If someone posts an offer for mail order brides on your Facebook page, delete it immediately. If someone mentions their brand new MP3 player on your post about next week’s charitable event location, delete it. Even if someone posts something seemingly legitimate but it’s offensive or in poor taste, delete it. But you need to be paying attention.
The only exception here is complaints. You should never delete a legitimate complaint, but respond to it. You’ll gain a lot more credibility.
You Aren’t Growing Your Audience
If you’re not promoting your page day in and day out, you will never grow your fan base, and without a fan base you really are wasting your time. At the most basic, you should be publishing a link to your page on your website and blog, in every email communication, on your brochures, business cards, folders, sell sheets, catalogs… and try not to relegate this type of “promotion” to a teeny Facebook icon in the bottom left corner of your pages, emails or ads.
You should be shouting about your Facebook page every chance you get. Remember that while people may not visit your site or be paying much attention to your other communications on a regular basis, they sure as heck are checking their Facebook page. That gives you the perfect chance to connect with people and stay right there in front of them.
But that’s also very passive, so you should be out there actively promoting your page. It can be as easy as asking people to Like your page, from friends and family to colleagues and business partners. Or it can be as varied as running an ad, holding a contest, or offering an exclusive deal.
One way or another you need to attract, invite and compel people to join you.
You’re Trying To Sell Stuff
Let’s face it, no company puts up a Facebook business page just for the sheer, time-consuming joy of it. We like our customers, but ultimately we need to sell stuff or we won’t be in business. The trick is to sell stuff without making it seem like you’re trying to sell stuff.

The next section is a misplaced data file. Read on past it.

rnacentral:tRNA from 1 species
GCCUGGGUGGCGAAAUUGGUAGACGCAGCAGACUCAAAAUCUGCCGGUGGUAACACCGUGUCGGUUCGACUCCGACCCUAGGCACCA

There’s a balance you can strike between the hard-sell and the complete lack-of-sell. Intersperse your “buy now” messages with trivia, helpful ideas, interesting industry information or just-for-fun questions. Think of your Facebook page as an extension of your business’s personality, and in turn, an extension of yours.
Remember that people do business with people, so it’s your job to turn your business into the Facebook friend everyone wants to hang out with.
You Aren’t Offering Anything Original
If your Facebook page is just a regurgitation of whatever went out in the day’s email, Twitter stream, Tumblr or blog, then there’s no incentive for someone to join you there. While it’s a great idea to cross-promote and to repeat your messages across multiple mediums so that people who aren’t using one social media platform can find you on another, you should still make an effort to differentiate your presence on each.
That doesn’t mean your business should develop a split personality. It just means you need to give people an incentive. Publish original photos on Facebook that aren’t shown anywhere else (or have customers and fans post photos and tag themselves!) Open unique discussions. Offer exclusive coupons or deals.
Just give people a reason to be there with you.
You Aren’t Measuring Anything
Facebook offers rudimentary statistics called “Insights” that give you some basic demographic information about your fans. While this isn’t necessarily robust, you can still get an idea of who your audience is, so you can tailor your message.
Beyond Insights, you can monitor the number of Likes and comments you get on individual posts, so you can see what kind of updates get the most attention. You can check the number of impressions each update gets, so you can get an idea of the best time of day to post for maximum exposure. And you can (and should) tag any link you publish with tracking code so that when you check your regular website analytics reports, you can see how many of its visitors came from Facebook and even what campaign drove them there.
Unless you’re tracking and measuring you’ll never really know how your page is faring or what you can do to improve it.
You Don’t Think It’s Important
This should go without saying but if you start the Facebook marketing process with the expectation that it isn’t going to do much for you and it’s not an important part of your overall marketing strategy then you’re going to run smack into the self-fulfilling prophecy.
If this is your frame of mind, then don’t start at all. You’ll save yourself the time complaining about it later when it doesn’t work. Exactly the way you expected it not to.
If you have a Facebook business page, start looking at ways you can use it more effectively by taking any of the measures outlined here. Try something, see how it goes. Then try something else.
Like all marketing, it’s about the craft and the creativity and the dedication you apply that makes it successful – not the medium itself.
What can you do RIGHT NOW to add ten extra Likes to your Facebook page? Think about it, then do it.